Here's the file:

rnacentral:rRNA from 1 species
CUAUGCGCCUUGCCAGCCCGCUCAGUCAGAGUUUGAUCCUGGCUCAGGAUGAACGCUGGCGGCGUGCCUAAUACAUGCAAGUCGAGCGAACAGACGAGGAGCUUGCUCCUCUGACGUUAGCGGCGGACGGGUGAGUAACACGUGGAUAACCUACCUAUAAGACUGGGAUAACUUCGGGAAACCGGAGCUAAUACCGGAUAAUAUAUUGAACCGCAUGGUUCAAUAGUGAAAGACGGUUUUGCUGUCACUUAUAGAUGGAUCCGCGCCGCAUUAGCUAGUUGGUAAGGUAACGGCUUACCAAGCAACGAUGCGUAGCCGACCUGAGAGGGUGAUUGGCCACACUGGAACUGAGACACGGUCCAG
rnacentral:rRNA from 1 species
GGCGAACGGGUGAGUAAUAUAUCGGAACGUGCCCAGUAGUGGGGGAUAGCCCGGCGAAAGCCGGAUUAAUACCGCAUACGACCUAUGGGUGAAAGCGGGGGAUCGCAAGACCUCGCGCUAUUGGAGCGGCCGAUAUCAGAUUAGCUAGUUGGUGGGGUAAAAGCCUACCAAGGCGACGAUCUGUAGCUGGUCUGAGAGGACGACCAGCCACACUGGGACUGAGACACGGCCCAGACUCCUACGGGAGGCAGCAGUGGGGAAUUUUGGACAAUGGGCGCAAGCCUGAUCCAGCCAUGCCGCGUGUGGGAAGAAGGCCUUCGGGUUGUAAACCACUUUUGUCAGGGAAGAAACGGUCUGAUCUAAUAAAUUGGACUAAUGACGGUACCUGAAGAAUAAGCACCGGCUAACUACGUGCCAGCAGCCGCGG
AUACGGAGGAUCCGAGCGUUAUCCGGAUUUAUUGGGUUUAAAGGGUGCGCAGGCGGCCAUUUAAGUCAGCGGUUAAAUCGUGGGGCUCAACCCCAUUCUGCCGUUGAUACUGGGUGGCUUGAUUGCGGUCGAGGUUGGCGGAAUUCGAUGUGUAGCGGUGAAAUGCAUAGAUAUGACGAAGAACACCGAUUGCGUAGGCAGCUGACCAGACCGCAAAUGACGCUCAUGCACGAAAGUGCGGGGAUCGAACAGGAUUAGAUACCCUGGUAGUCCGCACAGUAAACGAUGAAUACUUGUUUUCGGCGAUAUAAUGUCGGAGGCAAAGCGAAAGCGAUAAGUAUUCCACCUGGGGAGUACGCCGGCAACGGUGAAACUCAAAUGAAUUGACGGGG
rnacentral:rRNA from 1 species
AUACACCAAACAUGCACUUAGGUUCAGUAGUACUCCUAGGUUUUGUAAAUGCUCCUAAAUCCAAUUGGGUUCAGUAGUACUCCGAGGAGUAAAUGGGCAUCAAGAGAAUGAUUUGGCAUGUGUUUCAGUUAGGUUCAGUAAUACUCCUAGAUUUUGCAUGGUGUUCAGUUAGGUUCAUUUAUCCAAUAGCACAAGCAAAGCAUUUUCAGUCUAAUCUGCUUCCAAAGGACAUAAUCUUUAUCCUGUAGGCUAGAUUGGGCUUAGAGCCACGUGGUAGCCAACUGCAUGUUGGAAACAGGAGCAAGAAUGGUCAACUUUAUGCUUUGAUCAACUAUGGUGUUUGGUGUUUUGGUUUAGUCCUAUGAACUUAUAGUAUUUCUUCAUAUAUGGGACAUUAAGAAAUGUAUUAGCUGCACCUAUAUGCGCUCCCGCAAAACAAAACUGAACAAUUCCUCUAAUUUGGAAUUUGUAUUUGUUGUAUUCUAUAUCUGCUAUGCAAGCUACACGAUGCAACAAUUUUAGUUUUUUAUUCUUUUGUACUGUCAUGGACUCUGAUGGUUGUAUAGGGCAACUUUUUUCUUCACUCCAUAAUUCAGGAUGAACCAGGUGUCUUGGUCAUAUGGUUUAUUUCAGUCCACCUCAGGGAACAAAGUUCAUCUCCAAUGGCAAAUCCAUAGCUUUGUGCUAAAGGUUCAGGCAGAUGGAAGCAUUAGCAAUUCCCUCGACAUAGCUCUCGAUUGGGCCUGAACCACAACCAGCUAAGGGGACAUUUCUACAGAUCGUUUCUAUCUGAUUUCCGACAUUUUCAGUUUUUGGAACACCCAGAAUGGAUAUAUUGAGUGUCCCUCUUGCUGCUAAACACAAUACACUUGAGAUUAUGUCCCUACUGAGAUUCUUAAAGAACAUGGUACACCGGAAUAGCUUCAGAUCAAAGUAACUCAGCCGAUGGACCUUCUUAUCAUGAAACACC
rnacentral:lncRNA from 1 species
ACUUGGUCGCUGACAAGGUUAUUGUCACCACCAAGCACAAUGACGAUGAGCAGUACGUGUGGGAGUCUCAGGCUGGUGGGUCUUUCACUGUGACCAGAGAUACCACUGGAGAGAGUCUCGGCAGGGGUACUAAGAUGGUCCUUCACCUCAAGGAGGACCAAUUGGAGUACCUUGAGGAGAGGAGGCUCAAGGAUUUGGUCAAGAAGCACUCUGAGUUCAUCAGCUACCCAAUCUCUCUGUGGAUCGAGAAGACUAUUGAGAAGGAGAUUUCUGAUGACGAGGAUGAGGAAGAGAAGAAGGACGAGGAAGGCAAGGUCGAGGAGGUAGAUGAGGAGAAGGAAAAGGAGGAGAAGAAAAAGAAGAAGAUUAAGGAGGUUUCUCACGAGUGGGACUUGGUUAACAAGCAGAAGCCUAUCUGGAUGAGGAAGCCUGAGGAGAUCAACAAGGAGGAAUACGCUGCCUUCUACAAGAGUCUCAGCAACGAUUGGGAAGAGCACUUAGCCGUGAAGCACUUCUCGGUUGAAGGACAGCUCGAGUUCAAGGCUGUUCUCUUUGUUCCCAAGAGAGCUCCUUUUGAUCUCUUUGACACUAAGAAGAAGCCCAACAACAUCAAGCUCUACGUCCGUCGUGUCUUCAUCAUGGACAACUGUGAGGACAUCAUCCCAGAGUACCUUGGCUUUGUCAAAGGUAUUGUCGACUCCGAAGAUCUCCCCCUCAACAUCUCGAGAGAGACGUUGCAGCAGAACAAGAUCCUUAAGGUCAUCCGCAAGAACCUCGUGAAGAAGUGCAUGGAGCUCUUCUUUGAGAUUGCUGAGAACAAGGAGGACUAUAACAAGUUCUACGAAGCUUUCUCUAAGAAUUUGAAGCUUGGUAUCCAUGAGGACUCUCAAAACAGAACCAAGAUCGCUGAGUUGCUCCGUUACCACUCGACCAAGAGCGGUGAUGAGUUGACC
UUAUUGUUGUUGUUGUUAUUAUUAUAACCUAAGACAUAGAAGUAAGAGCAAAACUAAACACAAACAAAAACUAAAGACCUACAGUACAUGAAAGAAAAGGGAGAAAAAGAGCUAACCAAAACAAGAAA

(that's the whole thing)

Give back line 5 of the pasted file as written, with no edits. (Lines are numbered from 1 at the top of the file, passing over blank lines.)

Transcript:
AUACGGAGGAUCCGAGCGUUAUCCGGAUUUAUUGGGUUUAAAGGGUGCGCAGGCGGCCAUUUAAGUCAGCGGUUAAAUCGUGGGGCUCAACCCCAUUCUGCCGUUGAUACUGGGUGGCUUGAUUGCGGUCGAGGUUGGCGGAAUUCGAUGUGUAGCGGUGAAAUGCAUAGAUAUGACGAAGAACACCGAUUGCGUAGGCAGCUGACCAGACCGCAAAUGACGCUCAUGCACGAAAGUGCGGGGAUCGAACAGGAUUAGAUACCCUGGUAGUCCGCACAGUAAACGAUGAAUACUUGUUUUCGGCGAUAUAAUGUCGGAGGCAAAGCGAAAGCGAUAAGUAUUCCACCUGGGGAGUACGCCGGCAACGGUGAAACUCAAAUGAAUUGACGGGG